Translation:My friend and I ate lamb for dinner yesterday.
Hey, that's something I didn't know. You learn something new every day! Ironically, mutton comes from the French word for lamb! [Edit: no, it does not, thank you maran and Fab for correcting me]
Even though, I agree that both should be accepted, as the Mandarin term seems to just mean 'meat from sheep'.
Because of the Norman conquest of Britain in 1066. When the French took over England there became two ways of saying a whole lot of words and from a gastronomic point of view the French won out. The lower-class, the Anglo-Saxons, would hunt the animals (so the animal names are from them) and the upper-class, the French, would only see these animals on the dinner table ( so the culinary terms are from them). E.g. pig & pork
They are teaching Chinese and unteaching English. They suggest the phrase "Me and my friend had lamb for dinner yesterday" as the right translation for the chinese phrase. But s hould someone say "Me had lamb for dinner"?? http://www.betterwritingskills.com/tip-w026.html Perhaps only Tarzan??
"Me and my friend had lamb for dinner yesterday" is not the prescribed form but it is perfectly ordinary and perfectly intelligible. There is no particular reason why the rules of pronoun selection in a conjoined noun phrase should have to be the same as in a non-conjoined one.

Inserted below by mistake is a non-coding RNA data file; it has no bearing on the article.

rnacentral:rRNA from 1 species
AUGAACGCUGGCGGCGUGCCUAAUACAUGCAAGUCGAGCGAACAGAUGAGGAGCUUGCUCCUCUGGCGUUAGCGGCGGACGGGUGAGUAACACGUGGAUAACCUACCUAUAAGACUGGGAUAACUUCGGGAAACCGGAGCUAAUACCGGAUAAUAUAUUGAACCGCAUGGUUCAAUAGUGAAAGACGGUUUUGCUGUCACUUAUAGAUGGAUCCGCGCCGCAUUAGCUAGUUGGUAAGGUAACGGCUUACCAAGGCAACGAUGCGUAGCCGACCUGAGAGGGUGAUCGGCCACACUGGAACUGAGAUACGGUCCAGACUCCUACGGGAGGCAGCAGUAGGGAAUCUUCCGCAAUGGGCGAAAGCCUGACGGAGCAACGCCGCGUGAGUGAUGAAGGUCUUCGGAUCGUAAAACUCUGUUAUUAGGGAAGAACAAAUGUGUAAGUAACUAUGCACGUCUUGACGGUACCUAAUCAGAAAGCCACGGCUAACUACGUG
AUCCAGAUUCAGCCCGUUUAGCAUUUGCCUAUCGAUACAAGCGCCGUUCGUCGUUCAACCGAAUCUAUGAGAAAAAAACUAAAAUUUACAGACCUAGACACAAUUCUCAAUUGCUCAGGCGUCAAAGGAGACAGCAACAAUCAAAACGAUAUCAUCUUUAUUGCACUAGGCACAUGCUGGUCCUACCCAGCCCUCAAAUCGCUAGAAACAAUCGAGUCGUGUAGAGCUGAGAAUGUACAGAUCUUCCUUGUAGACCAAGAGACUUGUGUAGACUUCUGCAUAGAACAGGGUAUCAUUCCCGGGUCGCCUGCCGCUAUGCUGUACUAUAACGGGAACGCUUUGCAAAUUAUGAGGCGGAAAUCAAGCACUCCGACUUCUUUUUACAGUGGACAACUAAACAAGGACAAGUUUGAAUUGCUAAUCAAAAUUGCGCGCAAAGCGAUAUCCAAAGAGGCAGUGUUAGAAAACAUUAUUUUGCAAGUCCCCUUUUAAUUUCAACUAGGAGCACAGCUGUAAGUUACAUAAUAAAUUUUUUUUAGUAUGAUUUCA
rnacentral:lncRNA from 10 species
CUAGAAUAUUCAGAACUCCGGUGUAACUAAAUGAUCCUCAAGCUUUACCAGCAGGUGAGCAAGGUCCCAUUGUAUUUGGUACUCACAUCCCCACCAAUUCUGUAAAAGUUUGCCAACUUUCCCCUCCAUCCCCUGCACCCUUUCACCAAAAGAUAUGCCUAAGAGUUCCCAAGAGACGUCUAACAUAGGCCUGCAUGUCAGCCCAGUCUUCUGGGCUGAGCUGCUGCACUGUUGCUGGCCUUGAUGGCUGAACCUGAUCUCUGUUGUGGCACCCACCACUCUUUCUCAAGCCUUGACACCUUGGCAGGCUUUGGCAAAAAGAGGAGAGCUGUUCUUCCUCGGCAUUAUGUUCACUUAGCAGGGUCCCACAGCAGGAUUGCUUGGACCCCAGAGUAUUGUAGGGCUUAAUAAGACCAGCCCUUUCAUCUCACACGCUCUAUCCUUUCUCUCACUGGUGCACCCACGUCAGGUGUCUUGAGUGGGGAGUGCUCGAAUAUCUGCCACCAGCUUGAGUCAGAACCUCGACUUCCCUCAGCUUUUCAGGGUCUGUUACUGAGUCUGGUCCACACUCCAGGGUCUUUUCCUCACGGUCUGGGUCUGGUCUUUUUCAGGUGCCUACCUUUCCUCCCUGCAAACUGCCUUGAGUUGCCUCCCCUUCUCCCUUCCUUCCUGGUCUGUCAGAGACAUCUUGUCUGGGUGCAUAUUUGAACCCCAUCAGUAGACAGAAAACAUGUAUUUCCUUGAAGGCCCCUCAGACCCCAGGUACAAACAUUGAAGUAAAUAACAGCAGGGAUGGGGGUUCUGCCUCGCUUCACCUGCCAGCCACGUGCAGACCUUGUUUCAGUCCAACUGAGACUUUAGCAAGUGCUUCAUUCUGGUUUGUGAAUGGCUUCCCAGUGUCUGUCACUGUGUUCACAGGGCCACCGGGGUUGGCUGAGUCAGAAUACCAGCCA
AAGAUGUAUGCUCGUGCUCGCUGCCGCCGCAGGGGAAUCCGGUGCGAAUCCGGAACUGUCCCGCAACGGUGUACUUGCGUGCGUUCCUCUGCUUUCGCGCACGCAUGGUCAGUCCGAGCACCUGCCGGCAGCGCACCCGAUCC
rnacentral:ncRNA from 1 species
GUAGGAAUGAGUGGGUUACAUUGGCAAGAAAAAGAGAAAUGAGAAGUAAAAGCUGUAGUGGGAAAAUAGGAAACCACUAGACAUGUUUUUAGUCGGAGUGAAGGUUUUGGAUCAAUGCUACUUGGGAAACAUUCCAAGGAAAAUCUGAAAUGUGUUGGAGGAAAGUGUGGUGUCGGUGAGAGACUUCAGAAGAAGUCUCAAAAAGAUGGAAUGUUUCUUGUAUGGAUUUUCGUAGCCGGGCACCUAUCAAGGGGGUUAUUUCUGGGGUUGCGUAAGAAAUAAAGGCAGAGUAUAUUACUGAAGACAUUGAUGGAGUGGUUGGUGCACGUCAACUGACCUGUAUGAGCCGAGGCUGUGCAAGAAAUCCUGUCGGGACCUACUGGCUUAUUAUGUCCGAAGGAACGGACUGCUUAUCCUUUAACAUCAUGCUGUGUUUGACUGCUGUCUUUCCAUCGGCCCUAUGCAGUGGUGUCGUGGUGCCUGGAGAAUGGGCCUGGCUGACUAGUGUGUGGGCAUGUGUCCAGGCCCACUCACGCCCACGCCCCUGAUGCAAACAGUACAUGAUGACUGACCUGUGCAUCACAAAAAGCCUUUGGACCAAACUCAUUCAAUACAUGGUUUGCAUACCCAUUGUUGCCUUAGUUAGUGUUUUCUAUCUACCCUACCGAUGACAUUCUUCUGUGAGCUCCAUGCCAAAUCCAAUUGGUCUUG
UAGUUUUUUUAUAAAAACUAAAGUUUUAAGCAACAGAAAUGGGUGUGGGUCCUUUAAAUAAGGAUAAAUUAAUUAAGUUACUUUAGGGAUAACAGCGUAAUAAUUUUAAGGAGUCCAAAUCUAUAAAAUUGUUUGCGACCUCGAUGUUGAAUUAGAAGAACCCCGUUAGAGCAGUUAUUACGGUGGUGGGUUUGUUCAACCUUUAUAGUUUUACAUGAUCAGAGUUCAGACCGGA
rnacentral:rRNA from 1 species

I agree with this translation, ie. "My friend and I ate lamb for dinner yesterday.". My answer is the same however, ie. "Yesterday my friend and I ate lamb for dinner." This was marked wrong and the correct solution is marked as "Yesterday, my friend and I ate lamb AS dinner." 'As' is not the correct preposition here. It is 'For' AS the corrected translation states.
Using their Word Bank of choices, they had 'Cat' as an option - 'My friend and I ate cat for dinner yesterday.' Meow chow mein?
For some reason it is still showing 'me and my friend'. That might be used in spoken English, but anyone with any formal English schooling in grammar would not write 'me' as the subject of a verb. Reported. Still a brilliant way to learn, compared with the pre-computer era - anyone for a cassette tape? I thought not!
That translation can't be correct... 和 means and or with in this context.
It's a friend but it might not be 'my friend', it might be a friend of the family for example.... come to think of it, it may also be plural so some might be my friends but some may not be. In other words there should be a de in there... so Zuo Tian Wan Fan Wo he Wo De Pang You Chi Le Yang Rou. (pinyin may not be exactly accurate).
Re "Me and my friend": Are you here to show off your knowledge of the artificial restrictions imposed on the natural English language by busybody grammarians who barely understood the first principles of the system they were tinkering with? OR ARE YOU HERE TO LEARN CHINESE?
OK. Look. The English sentence "correct" translation is dead wrong. Me and my friend ate is ungrammatical. It is "I and my friend ate." I wrote "I and my friend ate lamb yesterday for dinner" and it was marked wrong. Please correct this an numerous other errors in the English translation of these Chinese sentences. This is tiresome. I realize this is a Beta version, but it is full of errors.
I gave "Yesterday, I and my friends had lamb for dinner."
This was marked wrong and corrected to "Yesterday, me and my friends had lamb for dinner."
Technically, "me and my friends..." is wrong because "me" is the accusative and "I" is the nominative.
Normally I wouldn't make a fuss, but you've marked "I and my friends..." as wrong, when that's the right English!